Palm Sunday is intense. Its Scripture readings move us from triumph to tragedy, friendship to betrayal, community to isolation.
Through the course of events that transpire, things shift quickly and drastically. One minute Jesus is celebrated with a parade and a dinner party, and the next he’s betrayed, arrested, deserted, and executed. One minute the crowd is chanting, “Blessed is the king!” and the next they’re screaming, “Crucify him!” The change in temperature feels dramatic, especially during a Catholic liturgy, as we act it out – entering the procession, waving our palms and singing, and, later, crying, “Crucify him!” We kneel in sorrow when he dies.
How fickle a crowd can be.
How fickle life can be as a moment of joy downshifts to sorrow. Or crisis. Or confusion.
Not only do the crowds change tone as circumstances shift, but those closest to Jesus move from celebrating with him to hurting him profoundly.
Peter declares his love but later denies him. He and the other disciples party with him all night and then sleep through his hour of need. They act out of fear and grief, not intentional desertion, but still. How hurtful. And how familiar.
These kinds of inadvertent hurts happen all the time in relationships, don’t they? I sometimes act out of fear or insecurity or selfishness and wound someone I love. Or, a loved one, out of their woundedness, hurts me. It doesn’t feel good, but it’s not deliberate, and it’s what we flawed humans do.
The other kind of hurt we encounter in the Gospel, though, is something else. Betrayal. That kiss from Judas is known as one of the greatest acts of treachery of all time, and I can see why. A kiss is an imitate gesture, a face-to-face expression of love and tenderness. To kiss someone, you have to lean in close to them and look them in the eyes. And Judas uses that tender expression of affection to send Jesus to his death.
Some people interpret Judas’ actions as more misguided than out-and-out betrayal. Maybe he didn’t know what the religious leaders intended. Maybe he thought his actions would propel Jesus into action, into glory, and into liberating people from Roman rule. It’s hard to imagine someone so close to Jesus destroying him on purpose, but I’m probably naïve. People do that to each other.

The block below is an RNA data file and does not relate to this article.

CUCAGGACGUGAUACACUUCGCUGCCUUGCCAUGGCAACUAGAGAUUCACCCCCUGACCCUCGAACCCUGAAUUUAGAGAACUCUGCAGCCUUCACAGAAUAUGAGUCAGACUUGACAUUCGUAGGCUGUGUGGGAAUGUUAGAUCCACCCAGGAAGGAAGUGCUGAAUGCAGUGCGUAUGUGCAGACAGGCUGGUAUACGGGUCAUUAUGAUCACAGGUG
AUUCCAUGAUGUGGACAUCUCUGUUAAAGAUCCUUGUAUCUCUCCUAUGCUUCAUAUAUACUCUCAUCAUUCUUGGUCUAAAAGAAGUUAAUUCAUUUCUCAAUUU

Betrayal is deliberate. Maybe it, too, comes from a person’s unresolved woundedness, but because it’s done on purpose, it’s harder to heal from, at least for me. And betrayal can only come from someone we love and trust. Whether it’s a friend mudslinging behind your back, infidelity in a committed relationship, or abuse at the hands of a caretaker, betrayal is shockingly painful, a punch to the gut that knocks the wind out of us. We don’t expect it from someone we trust. A stranger can do mean things, but only a loved one can betray. It’s a special kind of hurt.
I don’t know how to heal from that except by the grace of God. Maybe that’s how we heal all things – betrayal as well as inadvertent slights – by the grace of God. All healing is a gift, and God constantly offers it to us.
Palm Sunday is an overview of things to come this week. From now on, we’ll move through all the moments of the story, examining them from different perspectives, and going deeper into each experience. We’ll encounter the best and worst of humanity. If we open ourselves, we may suffer with Jesus. We may hurt as his experiences resonate with our own, but by uniting with him in suffering, we may also heal our pain. This week will be intense, but even so, I hope we enter in. God is in it all as we live into this holiest of weeks and the Paschal Mystery itself.
Have you ever had an experience of a dramatic shift, a joy turning into a sudden sorrow? How do you catch up with it? How do you find God in it, or, do you find God in it?
Have you ever been betrayed or hurt very deeply? How did you heal, and where was God in that experience?
What parts of the Passion story touch you the most? What about those parts resonates with your life? What is God saying to you through the connections you make with this story and yours?
What do you most hope for at this time? Where do you need new life to enter into your life?
By Sister Leslie Keener, CDP
Sister Leslie Keener, CDP is the director of God Space, a community-building spirituality ministry in Cincinnati and Northern Kentucky. She’s a Sister of Divine Providence with a Masters in Ministry and a Certificate in Spiritual Direction and Retreats from Creighton University. She directs retreats, meets with people for spiritual direction, and serves as the vocation director for her community. She also serves on the Coordinating Council of Spiritual Directors International. She enjoys music, meaningful conversations, and dancing.